board the brig, yet as he knew it to be impossible, he strove to subdue dark remembrances of the past, and tried to look forward to a more joyous future.

They arrived at Civita Vecchia without accident, and the master, unlike the generality of his countrymen, kept his word; he procured the young sailor a passage in a boat that would convey him within three miles of Rome, and he also gave him a token (for he could not write) which, presented to any one amongst the lazzaroni who sought to molest him, would have the effect of converting them to friends. He arrived safely in " the city of the world,” but unable to make himself understood, he wandered about for several days, disregarded or only laughed at by the heedless and light-hearted populace, most of whom revelled in the luxury of unrestricted idleness and a profusion of unclean rags, as they basked in the warm sun and ate maccaroni. Harry bad brought but little money with him, but the cravings of hunger could be satisfied for a mere trifle, and there was no very great hardship in that climate, especially to a young sailor, in sleeping without the shelter of a roof. But still the life he was leading did not accord with his views of propriety, nor yet with his comforts; and the thoughts of home, and the “trim-built wherry” would intrude, and as yet he seemed to be as far from attaining the object of his search as ever.

Carnival time came, and this both amused and annoyed him; he was highly diverted with the merry and grotesque groups that thronged the streets, but frequently became the subject of mirth and ridicule to the rabble, who would have used him roughly, but that, on showing the token, it had an instantaneous effect on some one or other of the party, and they immediately desisted. On one occasion, however, instead of this result he was forcibly seized, and would have been hurried away, but that a group of jovial masquers, habited as bacchanals, hearing the appeal of an Englishman for protection, suddenly rallied round the youth and rescued him—not from the hands of bandits, but the Officers of Justice, who had been watching his proceedings with suspicion, and to whom, on being addressed, he had displayed the token, which turned out to be a sign of recognition and protection amongst the thieves of that huge district.

The masquers having released the youth, placed him in their centre and pursued their way, but Harry felt no confidence in the friendly aid he had received, and he would gladly have escaped from their riotous and boisterous pastimes, but they seemed to be determined not to part with him, and resistance against so many would have been vain. At length he resolved to free himself, and assuming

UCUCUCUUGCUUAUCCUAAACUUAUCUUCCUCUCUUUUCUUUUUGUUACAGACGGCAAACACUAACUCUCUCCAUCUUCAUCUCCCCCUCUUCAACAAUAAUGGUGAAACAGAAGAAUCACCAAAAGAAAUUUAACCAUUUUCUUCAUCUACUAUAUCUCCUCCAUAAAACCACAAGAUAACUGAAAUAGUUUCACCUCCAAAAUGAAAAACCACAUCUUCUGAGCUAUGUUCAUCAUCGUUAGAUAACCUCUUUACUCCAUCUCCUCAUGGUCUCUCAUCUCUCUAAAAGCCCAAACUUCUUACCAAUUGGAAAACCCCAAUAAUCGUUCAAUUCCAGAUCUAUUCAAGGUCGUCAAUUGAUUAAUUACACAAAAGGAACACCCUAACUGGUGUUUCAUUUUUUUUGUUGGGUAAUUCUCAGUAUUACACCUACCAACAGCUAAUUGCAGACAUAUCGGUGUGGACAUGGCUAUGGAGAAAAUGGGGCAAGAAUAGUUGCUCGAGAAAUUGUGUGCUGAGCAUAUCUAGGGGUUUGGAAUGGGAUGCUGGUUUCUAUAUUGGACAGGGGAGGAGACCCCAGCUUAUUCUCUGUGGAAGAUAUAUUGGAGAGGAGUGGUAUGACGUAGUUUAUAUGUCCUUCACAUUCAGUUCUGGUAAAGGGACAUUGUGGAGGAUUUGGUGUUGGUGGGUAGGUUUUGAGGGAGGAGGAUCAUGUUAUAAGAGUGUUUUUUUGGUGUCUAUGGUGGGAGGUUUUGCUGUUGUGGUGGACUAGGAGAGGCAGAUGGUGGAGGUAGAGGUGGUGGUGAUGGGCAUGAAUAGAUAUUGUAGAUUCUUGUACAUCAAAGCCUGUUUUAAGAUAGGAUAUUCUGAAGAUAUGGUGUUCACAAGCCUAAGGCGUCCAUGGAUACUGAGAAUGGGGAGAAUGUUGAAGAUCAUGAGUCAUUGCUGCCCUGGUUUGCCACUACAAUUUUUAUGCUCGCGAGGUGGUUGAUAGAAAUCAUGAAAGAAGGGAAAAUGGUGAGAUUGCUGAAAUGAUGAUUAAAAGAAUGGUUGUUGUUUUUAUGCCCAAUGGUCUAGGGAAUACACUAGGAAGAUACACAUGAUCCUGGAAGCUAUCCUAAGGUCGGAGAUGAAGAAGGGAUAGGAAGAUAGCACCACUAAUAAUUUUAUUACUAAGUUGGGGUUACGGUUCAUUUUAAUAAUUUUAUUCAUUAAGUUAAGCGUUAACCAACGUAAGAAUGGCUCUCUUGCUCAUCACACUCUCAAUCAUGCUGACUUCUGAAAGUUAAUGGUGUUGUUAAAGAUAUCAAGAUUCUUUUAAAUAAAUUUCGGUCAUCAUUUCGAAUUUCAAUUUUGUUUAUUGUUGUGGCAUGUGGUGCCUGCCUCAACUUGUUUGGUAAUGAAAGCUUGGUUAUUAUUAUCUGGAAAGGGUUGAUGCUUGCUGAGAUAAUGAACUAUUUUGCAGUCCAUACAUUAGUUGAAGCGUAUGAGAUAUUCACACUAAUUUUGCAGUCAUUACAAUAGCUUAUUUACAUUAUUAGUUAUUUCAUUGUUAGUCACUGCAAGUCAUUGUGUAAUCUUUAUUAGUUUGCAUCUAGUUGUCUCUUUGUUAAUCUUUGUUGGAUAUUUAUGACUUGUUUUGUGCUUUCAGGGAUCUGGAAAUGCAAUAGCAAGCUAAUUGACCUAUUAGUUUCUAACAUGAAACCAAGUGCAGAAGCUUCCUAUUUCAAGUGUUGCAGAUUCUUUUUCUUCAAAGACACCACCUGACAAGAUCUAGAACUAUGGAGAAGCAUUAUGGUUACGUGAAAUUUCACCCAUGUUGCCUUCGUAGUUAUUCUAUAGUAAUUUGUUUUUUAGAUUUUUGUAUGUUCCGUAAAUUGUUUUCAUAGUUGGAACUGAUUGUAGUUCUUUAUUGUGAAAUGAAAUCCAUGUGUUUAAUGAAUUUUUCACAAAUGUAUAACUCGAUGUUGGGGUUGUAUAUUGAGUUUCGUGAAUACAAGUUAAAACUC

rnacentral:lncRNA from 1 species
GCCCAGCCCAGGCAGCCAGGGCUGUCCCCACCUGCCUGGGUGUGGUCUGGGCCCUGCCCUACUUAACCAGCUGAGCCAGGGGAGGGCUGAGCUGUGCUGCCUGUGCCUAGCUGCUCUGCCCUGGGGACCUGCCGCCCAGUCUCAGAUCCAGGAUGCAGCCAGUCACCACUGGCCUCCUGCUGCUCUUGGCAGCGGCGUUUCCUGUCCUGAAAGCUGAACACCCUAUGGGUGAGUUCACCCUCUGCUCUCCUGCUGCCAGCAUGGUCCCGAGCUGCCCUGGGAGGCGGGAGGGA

a threatening aspect he was about to fling himself from their company, when a voice in good English uttered, in a low tone, “Keep where you are if you wish to be in safety-you have a friend at hand, who does not care to be found amongst the revellers—you will know him presently."

Thus assured in his native tongue, Harry at once yielded to the suggestion, and continued with the masquers, who entered an ancient Palace-like building, where wines and refreshments were awaiting them, and Harry was invited to partake of the good cheer. As his daily fare had been meagre and scanty, the youth did not wait for a second bidding, but applied himself most diligently to the solid viands and the savoury meats, qualifying his food with gladness. At the close he was summoned into another room, where one of the masquers was seated alone.

“ And who would have thought of ever seeing Harry Paulet in Rome!” exclaimed the man, whose voice the youth immediately recognized as that of Sir James Trelawney.

“What brings you here, my lad? Has the Pope promised you a Cardinal's hat—or do you expect the expatriated King to grant you a patent of nobility ? Alas! Harry, the Apostolic Vicar has given the last of his old hats to the Duke of York, and Charles's patents would be nothing better than so much waste paper. But what brings you here?”

Thus questioned, Harry felt somewhat puzzled for a reply-the delicacy of his regard would not permit him to mention the lady Maude, and so he frankly stated that, having arrived at Leghorn, and desirous of learning something of his former friends, he had quitted his vessel and come to Rome

“And you have turned deserter, Harry, eh? that is a bad beginning, young man. And what friends are there of whom you would be informed ?”

Need I say, Sir James, that supposing you were here, I felt most anxious to see one to whom I am under lasting obligations ?” responded the youth.

Tut, tut, boy—no subterfuges—they will not do for me,” exclaimed Sir James smartly—“old heads seldom fascinate young hearts—the witch spell is of a different caste-youth and loveliness ! but there must also be an equality of station, my young friend. Ay, I understand me, by that red upon your cheeks—your secret is safe, nor was the fault your own, for none could long behold the lady Maude without loving her. Harry, you must think of her no more.”

“Then should I despise the lessons you have taught me, when, as

see you